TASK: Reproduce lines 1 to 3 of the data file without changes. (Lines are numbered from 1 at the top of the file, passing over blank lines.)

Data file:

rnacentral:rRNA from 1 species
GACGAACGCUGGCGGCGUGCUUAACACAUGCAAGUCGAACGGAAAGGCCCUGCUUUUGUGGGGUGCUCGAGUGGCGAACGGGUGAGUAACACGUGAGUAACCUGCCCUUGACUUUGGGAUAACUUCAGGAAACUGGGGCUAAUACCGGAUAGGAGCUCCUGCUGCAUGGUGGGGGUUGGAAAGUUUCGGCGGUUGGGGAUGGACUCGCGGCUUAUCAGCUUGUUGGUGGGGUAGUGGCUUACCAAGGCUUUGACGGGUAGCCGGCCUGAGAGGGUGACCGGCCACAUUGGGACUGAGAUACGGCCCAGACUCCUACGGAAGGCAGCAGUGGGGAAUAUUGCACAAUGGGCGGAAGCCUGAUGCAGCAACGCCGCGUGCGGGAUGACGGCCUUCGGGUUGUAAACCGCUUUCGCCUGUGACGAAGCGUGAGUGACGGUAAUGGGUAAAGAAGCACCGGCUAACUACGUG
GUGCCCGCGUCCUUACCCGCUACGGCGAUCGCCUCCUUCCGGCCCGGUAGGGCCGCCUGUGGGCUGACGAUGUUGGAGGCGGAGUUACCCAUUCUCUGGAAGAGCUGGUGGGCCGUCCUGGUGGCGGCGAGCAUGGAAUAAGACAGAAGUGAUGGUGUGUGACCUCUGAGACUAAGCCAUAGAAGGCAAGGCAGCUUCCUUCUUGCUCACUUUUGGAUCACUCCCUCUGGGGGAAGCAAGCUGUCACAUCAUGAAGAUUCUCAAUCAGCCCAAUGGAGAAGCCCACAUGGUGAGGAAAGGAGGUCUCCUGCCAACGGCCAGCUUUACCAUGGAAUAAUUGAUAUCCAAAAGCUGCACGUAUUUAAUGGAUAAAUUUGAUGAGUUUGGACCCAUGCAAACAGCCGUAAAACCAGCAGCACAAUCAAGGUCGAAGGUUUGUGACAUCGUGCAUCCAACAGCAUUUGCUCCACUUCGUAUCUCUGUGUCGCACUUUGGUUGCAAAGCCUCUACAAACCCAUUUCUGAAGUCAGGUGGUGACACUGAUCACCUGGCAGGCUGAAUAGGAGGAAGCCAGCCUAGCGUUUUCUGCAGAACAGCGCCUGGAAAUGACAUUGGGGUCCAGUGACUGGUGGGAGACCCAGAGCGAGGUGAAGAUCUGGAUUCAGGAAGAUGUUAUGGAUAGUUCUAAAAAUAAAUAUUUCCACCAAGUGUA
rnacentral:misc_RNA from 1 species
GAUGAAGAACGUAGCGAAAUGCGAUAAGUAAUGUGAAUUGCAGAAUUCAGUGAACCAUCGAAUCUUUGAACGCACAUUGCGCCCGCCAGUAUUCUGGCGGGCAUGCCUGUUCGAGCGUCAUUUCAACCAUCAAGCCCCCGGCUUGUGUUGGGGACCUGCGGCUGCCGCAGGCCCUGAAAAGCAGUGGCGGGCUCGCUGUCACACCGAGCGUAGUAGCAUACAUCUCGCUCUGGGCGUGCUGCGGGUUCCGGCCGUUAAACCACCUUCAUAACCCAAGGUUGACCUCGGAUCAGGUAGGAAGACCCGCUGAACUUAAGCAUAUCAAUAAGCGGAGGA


rnacentral:rRNA from 1 species
GACGAACGCUGGCGGCGUGCUUAACACAUGCAAGUCGAACGGAAAGGCCCUGCUUUUGUGGGGUGCUCGAGUGGCGAACGGGUGAGUAACACGUGAGUAACCUGCCCUUGACUUUGGGAUAACUUCAGGAAACUGGGGCUAAUACCGGAUAGGAGCUCCUGCUGCAUGGUGGGGGUUGGAAAGUUUCGGCGGUUGGGGAUGGACUCGCGGCUUAUCAGCUUGUUGGUGGGGUAGUGGCUUACCAAGGCUUUGACGGGUAGCCGGCCUGAGAGGGUGACCGGCCACAUUGGGACUGAGAUACGGCCCAGACUCCUACGGAAGGCAGCAGUGGGGAAUAUUGCACAAUGGGCGGAAGCCUGAUGCAGCAACGCCGCGUGCGGGAUGACGGCCUUCGGGUUGUAAACCGCUUUCGCCUGUGACGAAGCGUGAGUGACGGUAAUGGGUAAAGAAGCACCGGCUAACUACGUG
GUGCCCGCGUCCUUACCCGCUACGGCGAUCGCCUCCUUCCGGCCCGGUAGGGCCGCCUGUGGGCUGACGAUGUUGGAGGCGGAGUUACCCAUUCUCUGGAAGAGCUGGUGGGCCGUCCUGGUGGCGGCGAGCAUGGAAUAAGACAGAAGUGAUGGUGUGUGACCUCUGAGACUAAGCCAUAGAAGGCAAGGCAGCUUCCUUCUUGCUCACUUUUGGAUCACUCCCUCUGGGGGAAGCAAGCUGUCACAUCAUGAAGAUUCUCAAUCAGCCCAAUGGAGAAGCCCACAUGGUGAGGAAAGGAGGUCUCCUGCCAACGGCCAGCUUUACCAUGGAAUAAUUGAUAUCCAAAAGCUGCACGUAUUUAAUGGAUAAAUUUGAUGAGUUUGGACCCAUGCAAACAGCCGUAAAACCAGCAGCACAAUCAAGGUCGAAGGUUUGUGACAUCGUGCAUCCAACAGCAUUUGCUCCACUUCGUAUCUCUGUGUCGCACUUUGGUUGCAAAGCCUCUACAAACCCAUUUCUGAAGUCAGGUGGUGACACUGAUCACCUGGCAGGCUGAAUAGGAGGAAGCCAGCCUAGCGUUUUCUGCAGAACAGCGCCUGGAAAUGACAUUGGGGUCCAGUGACUGGUGGGAGACCCAGAGCGAGGUGAAGAUCUGGAUUCAGGAAGAUGUUAUGGAUAGUUCUAAAAAUAAAUAUUUCCACCAAGUGUA